I wouldn't be surprised if that was done in hardware, if at all. As far as I know, GPUs offer little control to the programmer over which chips are used.


http://developer.amd.com/resources/heterogeneous-computing/what-is-heterogeneous-system-architecture-hsa/ So the challenges of homogeneity and heterogeneity in system architecture are radically different. From my understanding, CPU's are better suited to running the operating system and dealing with memory, but GPU's are better suited towards parallelism and large data sets/computation. This is caused mostly by the differences in architectures of the two different units. From http://superuser.com/questions/308771/why-are-we-still-using-cpus-instead-of-gpus, GPU's are Turing complete and can thus run any computer algorithm; thus, one would be inclined to believe that GPU's can run algorithms that aren't particularly targeted towards GPU usage.

I imagine that if a specific set of the silicon dye is devoted to something, say rasterization, then even if we end up with not enough computing power of that particular unit, we can give the rest to other units which are not necessarily as suited to run those algorithms (such as the GPU or the CPU if it is idle). In this sense, we can still maintain the high amount of benefit from specialization, with a little bit of lost time from the other units trying to run the algorithms (but still getting it done in parallel).


The PetaBricks language helps with the automatic generation of architecture-specific implementations, which reduces the portability nightmare while giving good performance. Programmers offer the compiler choices in how a program might be implemented, allowing it to optimize for the appropriate architecture.


@pwei: GPUs are good with large datasets, up to a point. CPUs of today's era have far more memory available (extremely high-end GPUs can have up to 6 GB of memory, whereas a common laptop has around 8 GB). Although pulling from disk is a nightmare, CPUs can still do it, whereas GPUs are limited, in many cases, to no more than the memory available. The bandwidth is obviously far superior on a GPU, but if you have an extremely large dataset, it becomes infeasible to use them.


I mentioned on Piazza that some people were encouraging users not to kill the applications on their phone, as that evicts them from RAM and causes more battery to be used when re-opening that app (especially if it's a frequently used/slow-to-load app, like Chrome). Are there numbers for the energy to load data from disk? And where are these ballpark figures from?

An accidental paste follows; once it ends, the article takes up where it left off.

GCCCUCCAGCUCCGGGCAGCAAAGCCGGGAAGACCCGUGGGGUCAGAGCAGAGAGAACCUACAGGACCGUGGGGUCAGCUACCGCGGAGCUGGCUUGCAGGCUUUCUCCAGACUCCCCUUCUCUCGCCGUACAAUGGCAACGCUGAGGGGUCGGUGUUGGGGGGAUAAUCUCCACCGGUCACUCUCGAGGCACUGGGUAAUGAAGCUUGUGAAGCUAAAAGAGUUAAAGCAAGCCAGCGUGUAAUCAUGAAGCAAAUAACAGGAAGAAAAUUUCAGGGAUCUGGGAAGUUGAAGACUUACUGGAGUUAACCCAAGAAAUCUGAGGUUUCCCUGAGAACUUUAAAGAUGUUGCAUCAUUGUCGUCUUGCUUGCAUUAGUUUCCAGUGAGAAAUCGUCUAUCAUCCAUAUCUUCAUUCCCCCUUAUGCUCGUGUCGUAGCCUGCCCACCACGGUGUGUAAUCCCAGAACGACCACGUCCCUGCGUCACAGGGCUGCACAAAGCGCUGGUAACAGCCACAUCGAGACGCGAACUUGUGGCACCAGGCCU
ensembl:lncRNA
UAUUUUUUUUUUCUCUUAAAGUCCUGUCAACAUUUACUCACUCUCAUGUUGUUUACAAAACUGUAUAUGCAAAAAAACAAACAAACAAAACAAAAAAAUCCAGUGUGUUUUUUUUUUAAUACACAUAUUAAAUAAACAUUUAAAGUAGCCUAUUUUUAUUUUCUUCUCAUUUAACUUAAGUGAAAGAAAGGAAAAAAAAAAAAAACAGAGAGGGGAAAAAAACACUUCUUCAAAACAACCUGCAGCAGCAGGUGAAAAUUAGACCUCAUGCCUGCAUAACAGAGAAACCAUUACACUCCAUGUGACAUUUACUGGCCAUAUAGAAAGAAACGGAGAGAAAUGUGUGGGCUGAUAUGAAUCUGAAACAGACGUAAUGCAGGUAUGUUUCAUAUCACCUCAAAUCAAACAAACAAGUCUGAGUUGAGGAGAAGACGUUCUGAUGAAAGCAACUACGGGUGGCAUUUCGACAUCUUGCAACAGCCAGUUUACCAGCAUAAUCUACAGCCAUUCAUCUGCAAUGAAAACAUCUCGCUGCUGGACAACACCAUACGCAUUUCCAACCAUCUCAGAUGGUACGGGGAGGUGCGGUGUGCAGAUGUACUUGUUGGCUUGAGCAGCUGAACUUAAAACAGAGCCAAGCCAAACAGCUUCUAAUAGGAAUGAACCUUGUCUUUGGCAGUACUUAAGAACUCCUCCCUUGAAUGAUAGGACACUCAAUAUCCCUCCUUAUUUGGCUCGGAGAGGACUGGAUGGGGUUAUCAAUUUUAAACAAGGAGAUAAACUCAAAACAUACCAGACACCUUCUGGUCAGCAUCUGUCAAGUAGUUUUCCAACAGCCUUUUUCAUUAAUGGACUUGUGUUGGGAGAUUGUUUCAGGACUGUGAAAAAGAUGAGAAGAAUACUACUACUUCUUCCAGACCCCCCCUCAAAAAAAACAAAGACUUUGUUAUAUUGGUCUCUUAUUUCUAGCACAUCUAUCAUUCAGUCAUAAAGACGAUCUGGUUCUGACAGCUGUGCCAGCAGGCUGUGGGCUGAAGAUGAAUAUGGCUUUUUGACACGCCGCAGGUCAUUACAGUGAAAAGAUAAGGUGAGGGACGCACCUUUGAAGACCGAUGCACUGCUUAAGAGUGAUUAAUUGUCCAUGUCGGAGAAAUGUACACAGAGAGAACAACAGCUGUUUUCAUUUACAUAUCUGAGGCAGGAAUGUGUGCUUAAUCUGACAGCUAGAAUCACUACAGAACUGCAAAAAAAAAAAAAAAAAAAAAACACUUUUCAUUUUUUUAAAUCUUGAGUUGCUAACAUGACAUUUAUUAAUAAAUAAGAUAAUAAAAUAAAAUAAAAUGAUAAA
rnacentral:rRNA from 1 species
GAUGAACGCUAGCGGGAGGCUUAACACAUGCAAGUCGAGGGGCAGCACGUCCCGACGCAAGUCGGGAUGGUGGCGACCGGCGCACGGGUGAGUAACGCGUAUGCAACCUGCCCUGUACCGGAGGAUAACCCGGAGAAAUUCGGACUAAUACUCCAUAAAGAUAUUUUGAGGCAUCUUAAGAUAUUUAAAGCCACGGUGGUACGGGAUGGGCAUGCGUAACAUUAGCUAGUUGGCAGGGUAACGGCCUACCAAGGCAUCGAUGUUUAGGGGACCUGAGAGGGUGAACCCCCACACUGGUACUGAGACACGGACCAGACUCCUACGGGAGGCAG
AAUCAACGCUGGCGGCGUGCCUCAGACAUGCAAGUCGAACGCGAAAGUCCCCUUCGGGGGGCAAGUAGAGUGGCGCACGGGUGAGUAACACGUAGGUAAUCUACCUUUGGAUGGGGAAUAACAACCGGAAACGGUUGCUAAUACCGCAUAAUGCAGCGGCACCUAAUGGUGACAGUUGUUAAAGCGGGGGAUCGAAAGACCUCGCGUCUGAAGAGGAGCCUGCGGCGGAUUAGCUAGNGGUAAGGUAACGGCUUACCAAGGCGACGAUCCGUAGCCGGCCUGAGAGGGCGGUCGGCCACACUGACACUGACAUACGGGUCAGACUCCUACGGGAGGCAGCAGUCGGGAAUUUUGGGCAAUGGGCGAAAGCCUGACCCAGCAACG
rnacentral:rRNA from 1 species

I was debating something after reading the points on this slide -- we want to compute less, and we want more specialized computation. Why not outsource the majority of our computation to web-servers with specialized hardware? We would get all the benefits of specialized computation, without the expensive space and ASIC cost!

Except not. Remember how accessing memory is super expensive? Well transmitting information to a cell tower (and receiving a result later) is wayyyyy more expensive, especially in terms of power consumption. So this outsourcing is really only beneficial if the amount of computation required vastly dwarfs the dataset that needs to be transmitted from a mobile device.


@smklein, that's an interesting point. I believe if the network bandwidth is high and latency is low, then maybe our PC/Mac would be only a screen, some basic OS control and network stuff. Also, the game Titanfall use Microsoft cloud computing to do some non-player activity to let the local computers on players to focus on graphical performance. I think this is one big trend.


How do hardwares such as FPGAs and ASICs save energy and allow good performance at the same time?


@jinghuan - Fixed-function hardware sacrifices generality to achieve faster execution per available resource. What a general-purpose CPU can achieve with a given budget (transistors, power, etc) will be much lower than what an ASIC with the same budget would be able to achieve because the ASIC does one task only. This is how ASICs save energy while having high performance; they exchange the general-purpose circuity of a modern CPU for a fixed-function circuit which only does one specific task. As I understand it, FPGAs also have very good performance but aren't quite as fast as ASICs. FPGAs can be repeatedly burned with arbitrary logic, but the resulting circuitry will be slower than the "pure" transistor-level logic that makes up an ASIC.

@smklein - Neat idea, reminds me of how the Opera Mini browser handled javascript. They proxied your traffic through their servers to do some of the heavy-lifting server-side, and sent back to your device a static version of the page.